On 17th January 2023, the industry regulator, the Bar Standards Board decided to hand down an order imposing a ban on a barrister preventing him from continuing to practise after evidence emerged
Can You Lose Your Job If You Wear A Cross Necklace In Work
What Has Happened?
On Wednesday 5th January 2022 the Employment Tribunal handed down a judgement finding that a nurse had been unfairly dismissed and discriminated against on the grounds of her religious beliefs.
What Does it Mean?
The claim centred around a nurse, who was in her early 60’s and the ’treatment’ she claimed she had received during her employment at a Croydon NHS provider. In context she had worn a tiny cross shaped jewellery item for around four decades and had never received any complaints about it. However, whilst working as a theatre nurse at Croydon she claimed that senior staff demanded her to take off the cross. In her claim the nurse felt marginalised due to her religious beliefs.
In October 2021 the nurse made a claim to the employment tribunal against the Croydon NHS' provider with whom she had been employed for eighteen years. She claimed under the auspices of unfair dismissal and discrimination. By way of comparison the nurse claimed that members of the workforce carrying out similar clinical roles were allowed to wear hijabs, turbans, saris and, most extraordinarily, jewellery. However inexplicably the nurse was subjected to sanctions.
Evidence emerged of a targeted campaign against the nurse and there was also an extraordinary example put forward on the nurse’s behalf of Croydon NHS Trust representatives entering an operating theatre during surgery to impose a punishment upon her for wearing a small cross. However, despite their efforts the nurse refused to remove the jewellery.
Due to her refusal the NHS Trust investigated and found an alternative role for her on reception. The nurse classed these decisions as a demotion and “deeply-humiliating”. She claimed that the treatment she received caused her to suffer work related stress and be absent from work. The condition was so bad that she made the tough decision to resign citing the employer’s conduct and claiming this amounted to a fundamental breach of her employment contract.
The Employment Judge heard evidence from a representative of the Croydon NHS provider who in defence claimed that the nurse was asked to remove the jewellery due to its apparent concerns over infection risks and its perception that the item may spread infection.
However, the Tribunal found that this could not possibly have been the case. The judgment cited the Hospital dress code and references to jewellery which stated in certain circumstances, “Jewellery may be worn…”. It also found that the nurse’s manager had given her permission to wear the cross during a meeting. Ironically in the same meeting another staff member was allowed to wear a hijab in the workplace.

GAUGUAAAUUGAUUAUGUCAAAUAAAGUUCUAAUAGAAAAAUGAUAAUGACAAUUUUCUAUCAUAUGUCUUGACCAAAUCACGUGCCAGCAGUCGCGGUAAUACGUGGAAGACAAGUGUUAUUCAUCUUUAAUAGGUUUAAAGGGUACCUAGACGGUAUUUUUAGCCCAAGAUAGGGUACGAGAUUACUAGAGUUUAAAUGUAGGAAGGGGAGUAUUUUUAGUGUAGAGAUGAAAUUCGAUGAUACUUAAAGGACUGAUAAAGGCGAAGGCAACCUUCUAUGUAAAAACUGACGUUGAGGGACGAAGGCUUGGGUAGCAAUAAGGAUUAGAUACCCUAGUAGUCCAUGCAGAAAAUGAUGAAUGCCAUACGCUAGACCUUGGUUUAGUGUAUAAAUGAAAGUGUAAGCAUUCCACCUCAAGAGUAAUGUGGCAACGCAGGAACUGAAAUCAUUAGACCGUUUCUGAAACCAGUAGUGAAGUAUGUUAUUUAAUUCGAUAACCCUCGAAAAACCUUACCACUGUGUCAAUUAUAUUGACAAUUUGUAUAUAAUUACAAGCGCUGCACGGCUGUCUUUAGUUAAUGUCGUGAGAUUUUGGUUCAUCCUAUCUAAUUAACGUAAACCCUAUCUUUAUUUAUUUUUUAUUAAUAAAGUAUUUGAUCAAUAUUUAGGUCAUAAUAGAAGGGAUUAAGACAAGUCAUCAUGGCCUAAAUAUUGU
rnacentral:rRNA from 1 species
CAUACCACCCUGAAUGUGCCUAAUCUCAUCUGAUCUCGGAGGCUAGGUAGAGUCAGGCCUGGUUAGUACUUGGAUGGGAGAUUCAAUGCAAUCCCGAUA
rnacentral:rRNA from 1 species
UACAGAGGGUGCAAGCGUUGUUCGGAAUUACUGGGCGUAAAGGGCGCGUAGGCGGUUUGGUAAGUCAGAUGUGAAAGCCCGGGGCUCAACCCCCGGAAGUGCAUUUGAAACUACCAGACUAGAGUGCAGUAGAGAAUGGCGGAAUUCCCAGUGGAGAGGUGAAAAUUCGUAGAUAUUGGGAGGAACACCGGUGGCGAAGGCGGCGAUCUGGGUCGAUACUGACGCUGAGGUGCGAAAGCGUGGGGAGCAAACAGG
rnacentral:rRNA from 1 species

The judge decided on balance that the claim of the item causing a high-risk of infection when worn by a nurse complying with the rules was seemingly ‘very-low’. The Tribunal found that the nurse had been constructively and unfairly dismissed as no ‘reasonable and proper’ cause was provided. The dismissal was also rendered discriminatory.
What Impact Could This Have on the Legal Sector?
This decision is a lesson for employers facing similar employment disputes. James Watkins from Harrison Clark Rickerbys Solicitors believes the judgment will make it harder for employers to impose a ban on items of jewellery worn for religious worship purposes.
Lawyers should be advising employers to learn to recognise complex issues contained in grievances. Employers need to be advised to create a supportive environment for their workforce. The judge described the decision not to take a grievance any further as ‘intimidating and offensive” behaviour. Employers need to mitigate against the risk of receiving similar future damning indictments.
Lawyers should advise employers to check if their dress-codes measure-up. They should review the minutes from disciplinarymeetings to check if their policies have been enforced disproportionately, erratically or irrationally. The judgement was clear, there is no reason for cross-shaped-necklaces not to be permitted.
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This Article was Written Using the Following Sources
 Swerling, Gabriella – Christian Nurse forces out of job for ‘infection risk’ crucifix was unfairly dismissed, tribunal rules – 5 January 2022 - Christian NHS nurse ‘forced out’ of job over ‘bacteria-harbouring’ cross necklace, tribunal hears (telegraph.co.uk)
 Howarth, Grace – London nurse wins case for unfair dismissal over religious necklace – 10 January 2022 - London nurse wins case for unfair dismissal over religious necklace | Nursing Times
 Mrs Onuoha -v- Croydon Health Services NHS Trust – 4-14 October 2021 – Case Number 2300516 - Onuoha_v_Croydon_Health_Services_NHS_Trust__2300516.2019_-_Judgment.pdf (publishing.service.gov.uk)
 Mrs Onuoha -v- Croydon Health Services NHS Trust – 4-14 October 2021 – Case Number 2300516 – Case Summary - Onuoha_v_Croydon_Health_Services_NHS_Trust_-_Summary.pdf (publishing.service.gov.uk)
 Part X of the Employment Rights Act 1996 – Section 94 – 98 - Employment Rights Act 1996 (legislation.gov.uk)
 Section 10 Equality Act 2010 - Equality Act 2010 (legislation.gov.uk)
 Section 13 Equality Act 2010 - Equality Act 2010 (legislation.gov.uk)
 Section 19 Equality Act 2010 - Equality Act 2010 (legislation.gov.uk)
 Section 24 Equality Act 2010 - Equality Act 2010 (legislation.gov.uk)
 Section 26 Equality Act 2010 - Equality Act 2010 (legislation.gov.uk)
 Section 27 Equality Act 2010 - Equality Act 2010 (legislation.gov.uk)